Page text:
Worldbuilding Wednesday 1/18/23: Tokusatsu Shows of the 1970s

Symbol of Justice Condorman, a tokusatsu show from 1975. This hero was inspired by the sad news at the time that the California condor species was going extinct. The bird’s population has since increased and stabilized, but Condorman is long gone.

Tokusatsu is a form of media native to Japan. At its most basic, it means any kind of Japanese SFF, horror or war drama that relies heavily upon special effects. But since the 1960s popular usage has defined it as any action-packed TV show or movie with colorfully costumed superhero characters who have their own set of unique visual and cultural tropes.

The great-grandfather of the genre is 1954’s atom bomb cautionary tale Godzilla (Gojira in Japanese) which featured Eiji Tsuburaya’s use of rubber suits and miniature sets. Tsuburaya went on to produce Ultraman a decade later, further cementing his reputation as a tokusatsu pioneer. Though there were other monsters and aliens duking it out on Japanese TV both before and after Ultraman’s 1966 debut, none have had his staying power, which has lasted 55+ years. (Which makes him eligible for a senior discount I suppose.)

The vintage magazine cover above features a prime selection of the alien, offputting beings spawned in Ultraman’s wake. Known as Kyodai Heroes in Japan, each had its own unique series premise and storyline, but all did the same thing: growing to huge size and battling giant monsters. Some of them were truly whacky, such as Lion-Maru, an anthropomorphic white lion who rode a flying horse, and Spectreman, who battled Dr. Gori, an intelligent alien gorilla being in a pink Nehru suit. Japanese creators took inspiration anywhere they could get it and I suppose Planet of the Apes was but one element in the mix. They were and continue to be a lot of fun.

Another subgenre of tokusatsu was created when Kamen Rider debuted in 1971: a human superhero who dressed just as oddly as the Kyodai Heroes above, but stayed normal size and indulged in Batman/spy movie shenanigans against evil organizations out to conquer the world. Like Ultraman, Kamen Rider proved it had legs and is still around today.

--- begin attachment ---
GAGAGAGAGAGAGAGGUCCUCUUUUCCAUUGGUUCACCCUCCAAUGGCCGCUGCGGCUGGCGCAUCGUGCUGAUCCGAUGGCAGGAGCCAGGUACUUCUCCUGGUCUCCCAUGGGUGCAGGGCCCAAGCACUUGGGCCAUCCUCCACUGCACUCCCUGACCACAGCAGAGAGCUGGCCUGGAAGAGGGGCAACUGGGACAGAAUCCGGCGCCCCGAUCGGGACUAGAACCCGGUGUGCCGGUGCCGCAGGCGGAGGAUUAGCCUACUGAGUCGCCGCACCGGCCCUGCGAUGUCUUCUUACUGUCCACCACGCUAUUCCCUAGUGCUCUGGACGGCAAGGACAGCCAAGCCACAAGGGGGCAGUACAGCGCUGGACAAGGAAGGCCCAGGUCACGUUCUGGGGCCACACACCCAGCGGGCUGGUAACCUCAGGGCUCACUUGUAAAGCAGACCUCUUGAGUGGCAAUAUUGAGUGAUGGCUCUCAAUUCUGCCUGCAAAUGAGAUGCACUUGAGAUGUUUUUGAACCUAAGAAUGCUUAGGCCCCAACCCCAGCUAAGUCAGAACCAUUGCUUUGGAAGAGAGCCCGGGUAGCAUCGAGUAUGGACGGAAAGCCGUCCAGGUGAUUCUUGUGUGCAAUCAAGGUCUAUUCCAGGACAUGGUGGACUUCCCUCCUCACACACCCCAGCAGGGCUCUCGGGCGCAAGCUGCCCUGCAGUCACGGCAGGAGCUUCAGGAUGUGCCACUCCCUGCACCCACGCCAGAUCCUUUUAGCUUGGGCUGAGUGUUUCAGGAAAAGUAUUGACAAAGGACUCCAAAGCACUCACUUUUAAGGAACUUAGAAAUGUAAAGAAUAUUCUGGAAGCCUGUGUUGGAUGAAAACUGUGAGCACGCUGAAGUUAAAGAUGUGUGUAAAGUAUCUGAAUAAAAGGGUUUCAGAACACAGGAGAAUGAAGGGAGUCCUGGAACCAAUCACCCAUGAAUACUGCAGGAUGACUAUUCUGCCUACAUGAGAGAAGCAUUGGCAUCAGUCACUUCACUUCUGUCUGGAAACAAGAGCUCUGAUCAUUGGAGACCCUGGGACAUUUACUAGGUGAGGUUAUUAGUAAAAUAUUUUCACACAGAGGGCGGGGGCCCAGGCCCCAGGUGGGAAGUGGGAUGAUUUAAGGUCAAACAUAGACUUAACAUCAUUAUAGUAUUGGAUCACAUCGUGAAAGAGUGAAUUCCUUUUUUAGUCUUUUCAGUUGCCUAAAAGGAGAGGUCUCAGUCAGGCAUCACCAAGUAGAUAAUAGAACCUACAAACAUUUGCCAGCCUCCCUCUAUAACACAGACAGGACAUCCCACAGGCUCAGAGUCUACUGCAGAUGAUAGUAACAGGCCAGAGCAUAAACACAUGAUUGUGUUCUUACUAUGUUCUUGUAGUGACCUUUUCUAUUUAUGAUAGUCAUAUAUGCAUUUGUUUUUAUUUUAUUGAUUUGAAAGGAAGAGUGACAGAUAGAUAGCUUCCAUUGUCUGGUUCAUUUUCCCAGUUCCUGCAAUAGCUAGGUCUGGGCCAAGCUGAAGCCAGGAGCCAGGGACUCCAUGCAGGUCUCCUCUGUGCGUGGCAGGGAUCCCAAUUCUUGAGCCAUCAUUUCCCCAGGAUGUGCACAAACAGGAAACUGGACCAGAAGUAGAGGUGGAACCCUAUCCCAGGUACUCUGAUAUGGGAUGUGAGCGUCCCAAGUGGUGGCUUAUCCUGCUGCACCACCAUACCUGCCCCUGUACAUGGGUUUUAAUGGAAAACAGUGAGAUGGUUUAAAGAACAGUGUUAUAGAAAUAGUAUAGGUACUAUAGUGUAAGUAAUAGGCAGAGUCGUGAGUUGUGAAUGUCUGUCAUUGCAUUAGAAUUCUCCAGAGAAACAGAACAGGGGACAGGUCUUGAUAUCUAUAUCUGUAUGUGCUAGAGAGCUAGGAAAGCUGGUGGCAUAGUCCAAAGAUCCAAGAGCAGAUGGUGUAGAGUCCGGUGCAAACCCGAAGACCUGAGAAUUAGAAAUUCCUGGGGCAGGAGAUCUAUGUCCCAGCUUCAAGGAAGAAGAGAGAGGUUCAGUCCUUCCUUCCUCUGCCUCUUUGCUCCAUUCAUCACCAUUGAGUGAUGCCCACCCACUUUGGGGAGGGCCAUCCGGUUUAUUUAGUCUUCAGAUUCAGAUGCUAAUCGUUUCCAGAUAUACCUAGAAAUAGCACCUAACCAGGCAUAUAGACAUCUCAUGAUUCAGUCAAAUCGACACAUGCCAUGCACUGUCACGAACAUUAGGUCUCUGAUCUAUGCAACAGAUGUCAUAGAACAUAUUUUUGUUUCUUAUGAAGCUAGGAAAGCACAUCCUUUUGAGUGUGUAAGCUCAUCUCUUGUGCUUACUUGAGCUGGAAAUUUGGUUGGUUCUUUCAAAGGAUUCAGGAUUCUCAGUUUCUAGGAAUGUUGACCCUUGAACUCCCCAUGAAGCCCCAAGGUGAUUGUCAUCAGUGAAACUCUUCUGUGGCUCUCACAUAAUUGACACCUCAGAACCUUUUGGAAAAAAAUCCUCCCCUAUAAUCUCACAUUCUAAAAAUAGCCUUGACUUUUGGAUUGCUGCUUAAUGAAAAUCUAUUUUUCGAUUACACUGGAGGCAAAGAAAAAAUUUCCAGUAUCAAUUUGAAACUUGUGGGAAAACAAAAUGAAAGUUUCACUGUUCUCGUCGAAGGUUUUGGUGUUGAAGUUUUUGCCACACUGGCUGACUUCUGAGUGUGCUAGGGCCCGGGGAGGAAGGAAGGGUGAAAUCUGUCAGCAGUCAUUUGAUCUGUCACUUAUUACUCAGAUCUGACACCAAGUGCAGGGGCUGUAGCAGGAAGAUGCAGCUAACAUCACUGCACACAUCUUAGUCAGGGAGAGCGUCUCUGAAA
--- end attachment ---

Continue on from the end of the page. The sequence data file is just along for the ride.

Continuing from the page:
The team are all carefully numbered and dressed alike but in different colors and helmet designs, a trope carried forward for decades.

But both were eclipsed in the later 1970s when Himitsu Sentai Gorenger debuted, the first of the Super Sentai shows. This third subgenre had a team of human heroes who derived their powers from some mystical or technological McGuffin. They dressed in a color-coordinated way around a certain theme (elements, jungle animals, prehistoric creatures, etc.), used advanced technology, had special attack modes which they shouted out before striking (“Super lotus energizer side kick!”) and protected the earth from some alien or supernatural foe. Several of these shows were later imported to the U.S., excised of all but the costumed fight scenes, and received new storylines with American actors. Yes, this was the genesis of The Power Rangers. The popularity of the American version of the show has since waned, but in Japan, new teams continue to debut year after year, most often with five young people.It is traditional for the two token females of the group to receive pink or yellow as their team color.

If you need an imaginary tokusatsu show of your own, here’s a randomgenned list.


Tokusatsu Shows of the 1970s

King Nexus

Joe Raider

Brave Miss

Mighty Five Man

Girl Sluggers

Honey Samurai


Mega Mandala

Decade Busters

Sabre Fox

Xeno Rangers

Ambassador Stranger

Fighter Fighter 979

Baron Raiden Maskless

Human 7

Dynazon Man

Argent Eye

Lady Grid 42

Space Devil Girl

Prince Luger

Sergeant Spectre



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